Oscar Ayala-Arizmendi, 36, was charged with first-degree kidnapping, rape and possession of a controlled substance, according to the (Twin Falls, Idaho) Times-News. Bail was set Wednesday in Twin Falls County Magistrate Court at $1 million and likely will be moved to 5th District Court.
The 27-year-old woman escaped April 8 from a house in Buhl, a town of about 5,000 residents, and made a report April 26 after she was arrested on a drug charge and in jail, authorities say. The victim is not being identified because of the nature of the accusations.
She told police that Ayala-Arizmendi forced her to use methamphetamine, sometimes held a gun to her head, beat her with a 2-by-4, and often placed a rope around her neck to lead her around the house like a dog. The suspect moved her to two houses in the town and raped her multiple times.
She tried to escape several times, which resulted in additional beatings, and was able to get out successfully only with the help of her brother and three other people, Detective John Koning of the Twin Falls County Sheriff's Office said Thursday.
The suspect also threatened to "cut her up into small pieces and flush her down the toilet" if she attempted to leave the house, according to police documents. But at times, three or four, she told police that she was allowed to leave the house but would then return under the threat of harm or death.
Twin Falls County Prosecutor Grant Loebs said Thursday that following the woman's report, police worked for the next 2½ weeks to collect enough evidence to make the arrest.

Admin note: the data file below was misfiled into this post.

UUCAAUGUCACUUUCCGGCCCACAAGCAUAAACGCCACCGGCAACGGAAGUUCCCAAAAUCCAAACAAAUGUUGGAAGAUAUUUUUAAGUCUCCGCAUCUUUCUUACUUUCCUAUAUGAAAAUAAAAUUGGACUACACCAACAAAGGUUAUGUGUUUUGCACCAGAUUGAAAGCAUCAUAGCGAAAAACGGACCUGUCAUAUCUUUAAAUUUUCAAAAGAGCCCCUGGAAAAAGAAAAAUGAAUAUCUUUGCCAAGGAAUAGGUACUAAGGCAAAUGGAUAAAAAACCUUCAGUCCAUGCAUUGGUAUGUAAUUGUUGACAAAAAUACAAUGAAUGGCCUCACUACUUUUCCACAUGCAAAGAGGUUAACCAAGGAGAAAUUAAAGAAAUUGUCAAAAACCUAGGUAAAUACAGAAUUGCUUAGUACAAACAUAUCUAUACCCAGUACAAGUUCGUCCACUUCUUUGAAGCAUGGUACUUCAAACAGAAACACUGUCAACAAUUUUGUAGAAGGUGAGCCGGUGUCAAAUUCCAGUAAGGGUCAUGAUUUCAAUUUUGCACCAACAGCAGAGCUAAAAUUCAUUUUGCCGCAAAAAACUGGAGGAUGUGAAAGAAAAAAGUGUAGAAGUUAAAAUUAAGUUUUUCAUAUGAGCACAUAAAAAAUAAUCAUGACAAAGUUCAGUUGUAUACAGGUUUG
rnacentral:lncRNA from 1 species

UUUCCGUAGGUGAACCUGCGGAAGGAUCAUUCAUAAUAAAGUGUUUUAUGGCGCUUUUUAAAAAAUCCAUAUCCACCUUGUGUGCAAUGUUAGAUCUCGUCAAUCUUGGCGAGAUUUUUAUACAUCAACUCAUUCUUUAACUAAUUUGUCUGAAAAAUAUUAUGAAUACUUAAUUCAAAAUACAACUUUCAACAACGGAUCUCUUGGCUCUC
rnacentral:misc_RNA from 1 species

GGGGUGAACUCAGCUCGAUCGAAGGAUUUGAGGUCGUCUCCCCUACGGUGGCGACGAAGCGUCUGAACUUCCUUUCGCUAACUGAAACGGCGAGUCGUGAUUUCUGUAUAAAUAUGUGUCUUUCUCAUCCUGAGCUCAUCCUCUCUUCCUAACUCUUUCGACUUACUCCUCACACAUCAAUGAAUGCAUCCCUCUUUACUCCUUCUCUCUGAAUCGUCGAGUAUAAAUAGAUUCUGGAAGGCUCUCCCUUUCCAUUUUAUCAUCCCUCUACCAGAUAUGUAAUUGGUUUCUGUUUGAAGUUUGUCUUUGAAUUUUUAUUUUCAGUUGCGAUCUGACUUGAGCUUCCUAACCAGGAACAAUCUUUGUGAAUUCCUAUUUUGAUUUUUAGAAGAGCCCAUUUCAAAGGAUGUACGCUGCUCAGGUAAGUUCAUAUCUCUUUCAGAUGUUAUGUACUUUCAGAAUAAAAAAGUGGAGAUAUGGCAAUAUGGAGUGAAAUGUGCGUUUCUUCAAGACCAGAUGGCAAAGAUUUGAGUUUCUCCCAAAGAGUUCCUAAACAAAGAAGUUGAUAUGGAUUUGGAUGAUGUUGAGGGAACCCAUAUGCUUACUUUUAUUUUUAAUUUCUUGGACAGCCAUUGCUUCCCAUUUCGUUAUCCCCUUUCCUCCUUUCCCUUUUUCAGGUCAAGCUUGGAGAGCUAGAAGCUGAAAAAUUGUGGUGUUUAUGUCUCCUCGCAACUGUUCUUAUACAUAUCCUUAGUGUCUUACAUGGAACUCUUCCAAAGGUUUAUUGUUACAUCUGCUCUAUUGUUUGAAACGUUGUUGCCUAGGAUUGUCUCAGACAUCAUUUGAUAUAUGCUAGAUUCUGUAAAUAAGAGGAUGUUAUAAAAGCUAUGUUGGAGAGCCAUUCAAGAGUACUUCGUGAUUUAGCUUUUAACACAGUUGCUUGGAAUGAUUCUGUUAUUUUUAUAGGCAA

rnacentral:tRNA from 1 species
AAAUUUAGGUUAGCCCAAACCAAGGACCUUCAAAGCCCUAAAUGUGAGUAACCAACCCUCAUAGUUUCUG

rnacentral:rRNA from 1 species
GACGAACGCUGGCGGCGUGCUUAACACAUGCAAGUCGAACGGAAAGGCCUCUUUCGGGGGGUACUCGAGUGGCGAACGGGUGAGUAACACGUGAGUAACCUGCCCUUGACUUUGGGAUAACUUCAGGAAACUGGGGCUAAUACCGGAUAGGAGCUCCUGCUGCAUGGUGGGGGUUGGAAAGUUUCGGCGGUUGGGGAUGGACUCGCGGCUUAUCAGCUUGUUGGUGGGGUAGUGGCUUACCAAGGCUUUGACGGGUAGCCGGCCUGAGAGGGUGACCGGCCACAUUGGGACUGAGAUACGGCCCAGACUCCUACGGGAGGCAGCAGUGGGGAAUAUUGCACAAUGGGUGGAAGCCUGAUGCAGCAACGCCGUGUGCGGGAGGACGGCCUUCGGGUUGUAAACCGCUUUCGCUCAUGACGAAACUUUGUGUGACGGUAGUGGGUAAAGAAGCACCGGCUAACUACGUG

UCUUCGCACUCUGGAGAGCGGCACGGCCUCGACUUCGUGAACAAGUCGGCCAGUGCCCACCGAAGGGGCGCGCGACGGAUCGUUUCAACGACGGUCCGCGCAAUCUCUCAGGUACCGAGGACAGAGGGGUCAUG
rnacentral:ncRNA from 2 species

Buhl, about 15 miles west of Twin Falls and 120 miles southeast of Boise, is better known for trout fishing than sex crimes. Officials reported two rapes to the FBI's National Incident-Based Reporting System in 2012, the most recent year available, and had not had any reported rapes in 2010 or 2011.
Authorities searched Ayala-Arizmendi's house Tuesday near U.S. 30 and reported finding chains and locks mounted to walls and floors, chains on exterior doors, a handgun, and an electrical wire system intended to shock anyone trying to escape.
Ben Andersen, Ayala-Arizmendi's public defender, did not immediately return a call Thursday from The Associated Press.
At night the victim reported that Ayala-Arizmendi would lock the two of them in a bedroom made secure with a metal gate fastened and locked to the inside of the door. She said she was forced to use a wastebasket as a toilet.
Detectives found a metal waste can with urine in it when they searched the house Tuesday, Koning said.
The house also had security cameras mounted around it with monitors in the bedroom, the detective said.
Ayala-Arizmendi's next court appearance is scheduled for May 23. U.S. Customs and Border Protection officials also are investigating Ayala-Arizmendi's legal status in this country.
Contributing: The Associated Press